CPD for ECCE providers

The Continuing Professional Development (CPD) programme offers a range of professional development opportunities, mentoring, and practical support to Early Childhood Care and Education (ECCE) providers in the Dublin Docklands and East Inner City area.

Through the programme, a core group of ECCE settings work together as part of a Learning Network, building capacity through sharing experience and expertise. The primary focus is developing quality practice in ECCE settings. The ECCE settings are committed to engaging in on-going, intensive, reflective practice, through a cycle of continuous review, action planning and implementation. Programme delivery is based on a community development approach and is learner focused.

All of the training offered by ELI is underpinned by the principles and standards of Síolta, the National Quality Framework for Early Childhood Education and Aistear, the Early Childhood Curriculum Framework.


  • To improve the educational outcomes for children in the Docklands, particularly in literacy and numeracy
  • To increase parental involvement in their children’s development and education
  • To support the early childhood care and education workforce in implementing Aistear, the Early Childhood Curriculum Framework (Aistear) and Síolta, the Quality Framework for Early Childhood Education (Síolta)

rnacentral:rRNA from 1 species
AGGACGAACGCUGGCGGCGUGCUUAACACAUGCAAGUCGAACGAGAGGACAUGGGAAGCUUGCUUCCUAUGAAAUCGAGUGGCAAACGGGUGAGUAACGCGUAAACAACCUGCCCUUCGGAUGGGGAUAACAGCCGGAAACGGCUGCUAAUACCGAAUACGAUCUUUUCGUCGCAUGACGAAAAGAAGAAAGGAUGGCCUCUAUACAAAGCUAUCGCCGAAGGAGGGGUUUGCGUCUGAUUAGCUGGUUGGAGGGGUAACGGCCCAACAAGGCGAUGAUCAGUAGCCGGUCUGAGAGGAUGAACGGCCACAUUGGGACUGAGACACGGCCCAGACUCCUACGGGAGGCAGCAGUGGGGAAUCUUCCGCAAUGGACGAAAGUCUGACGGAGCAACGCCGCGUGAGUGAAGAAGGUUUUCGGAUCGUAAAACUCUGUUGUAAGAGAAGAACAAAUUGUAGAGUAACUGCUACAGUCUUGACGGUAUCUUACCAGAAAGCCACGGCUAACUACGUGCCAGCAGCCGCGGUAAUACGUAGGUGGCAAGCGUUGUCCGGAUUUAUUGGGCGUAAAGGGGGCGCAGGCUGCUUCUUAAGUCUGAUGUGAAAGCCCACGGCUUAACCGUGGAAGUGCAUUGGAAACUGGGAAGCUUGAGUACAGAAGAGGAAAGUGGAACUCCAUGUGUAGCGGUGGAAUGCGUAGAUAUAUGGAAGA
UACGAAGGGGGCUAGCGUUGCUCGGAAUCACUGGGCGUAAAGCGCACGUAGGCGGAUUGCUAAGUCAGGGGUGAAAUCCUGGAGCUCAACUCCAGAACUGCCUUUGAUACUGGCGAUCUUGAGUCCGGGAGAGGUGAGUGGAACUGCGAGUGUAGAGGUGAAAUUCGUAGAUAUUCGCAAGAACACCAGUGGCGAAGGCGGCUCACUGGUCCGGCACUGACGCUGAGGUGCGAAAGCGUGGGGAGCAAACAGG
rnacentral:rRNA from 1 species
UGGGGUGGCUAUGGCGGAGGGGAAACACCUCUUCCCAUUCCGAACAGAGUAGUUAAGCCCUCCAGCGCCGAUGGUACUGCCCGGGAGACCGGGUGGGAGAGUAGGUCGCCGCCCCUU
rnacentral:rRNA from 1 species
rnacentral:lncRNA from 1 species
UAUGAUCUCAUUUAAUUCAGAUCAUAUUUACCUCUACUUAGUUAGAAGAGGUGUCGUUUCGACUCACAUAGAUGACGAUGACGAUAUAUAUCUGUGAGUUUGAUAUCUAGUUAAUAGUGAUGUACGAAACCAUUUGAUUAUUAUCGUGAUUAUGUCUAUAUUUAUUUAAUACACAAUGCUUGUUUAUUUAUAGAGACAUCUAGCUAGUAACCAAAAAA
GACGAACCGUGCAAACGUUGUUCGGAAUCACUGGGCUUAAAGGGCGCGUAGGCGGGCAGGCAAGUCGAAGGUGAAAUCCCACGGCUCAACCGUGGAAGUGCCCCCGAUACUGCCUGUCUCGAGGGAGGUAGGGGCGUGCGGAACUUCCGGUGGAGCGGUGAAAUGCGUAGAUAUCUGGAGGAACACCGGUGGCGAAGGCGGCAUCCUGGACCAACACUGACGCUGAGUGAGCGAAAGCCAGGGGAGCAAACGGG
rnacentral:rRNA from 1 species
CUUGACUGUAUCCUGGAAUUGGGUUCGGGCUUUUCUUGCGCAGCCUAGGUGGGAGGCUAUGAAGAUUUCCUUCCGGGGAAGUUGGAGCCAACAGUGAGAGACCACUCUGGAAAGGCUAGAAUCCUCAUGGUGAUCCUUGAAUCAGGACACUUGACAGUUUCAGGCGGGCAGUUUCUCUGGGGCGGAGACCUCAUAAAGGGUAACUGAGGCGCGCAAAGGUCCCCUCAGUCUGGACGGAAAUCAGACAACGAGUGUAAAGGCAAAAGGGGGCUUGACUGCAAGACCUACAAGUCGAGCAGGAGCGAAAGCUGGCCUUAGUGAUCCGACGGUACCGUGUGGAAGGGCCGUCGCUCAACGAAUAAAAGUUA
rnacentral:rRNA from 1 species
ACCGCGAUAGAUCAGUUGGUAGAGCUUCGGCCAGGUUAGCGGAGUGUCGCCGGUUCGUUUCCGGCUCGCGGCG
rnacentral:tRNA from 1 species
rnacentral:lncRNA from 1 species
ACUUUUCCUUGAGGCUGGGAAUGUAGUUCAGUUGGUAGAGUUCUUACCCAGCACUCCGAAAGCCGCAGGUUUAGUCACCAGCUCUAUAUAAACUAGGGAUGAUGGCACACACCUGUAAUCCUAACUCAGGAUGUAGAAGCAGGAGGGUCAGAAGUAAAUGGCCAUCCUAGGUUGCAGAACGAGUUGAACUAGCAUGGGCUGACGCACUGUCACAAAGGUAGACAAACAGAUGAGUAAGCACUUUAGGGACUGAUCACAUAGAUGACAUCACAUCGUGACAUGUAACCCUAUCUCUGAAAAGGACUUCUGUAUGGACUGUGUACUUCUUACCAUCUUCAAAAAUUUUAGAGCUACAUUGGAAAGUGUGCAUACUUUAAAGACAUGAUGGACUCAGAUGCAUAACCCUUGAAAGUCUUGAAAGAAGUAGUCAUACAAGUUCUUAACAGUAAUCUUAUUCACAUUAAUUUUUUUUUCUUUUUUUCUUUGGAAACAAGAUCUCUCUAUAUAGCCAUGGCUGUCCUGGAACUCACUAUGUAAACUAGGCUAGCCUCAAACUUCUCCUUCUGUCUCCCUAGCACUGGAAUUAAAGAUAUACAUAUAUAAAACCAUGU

• To ensure continuity and progression in learning for children moving from home to early years settings to the local schools.

Erasmus+ EU Literacy Project: Making Literacy Meaningful

Teaching staff in a multi-faceted Europe are continually confronted with questions around facilitation of children from a multitude of backgrounds. The Making Literacy Meaningful project, funded by the European Union under the ERASMUS+ Programme, has developed practically-oriented knowledge in the area of language and literacy development, with a specific focus on addressing the needs, challenges and opportunities resulting from multilingual and multicultural classrooms. The project participants span universities, as well as a college and a school, from five different countries (Germany, Luxembourg, Ireland, England and Spain). 

You can find out more information on the Making Literacy Meaningful website, which hosts papers and materials specifically developed for the project as well as providing links to the two custom-designed MOOCs (Massive Open Online Courses) around Language Facilitation and Literacy Facilitation. Reflective tasks and practical implementation tips are designed to help practitioners to link theory to practice.

The first MOOC Teaching in Multilingual Classrooms focused on supporting the teaching of children who do not have the national instructional language as their primary language (in the Irish context this will be children who have English as an additional language).

The second MOOC Teaching Literacy focused on the teaching of literacy for all children.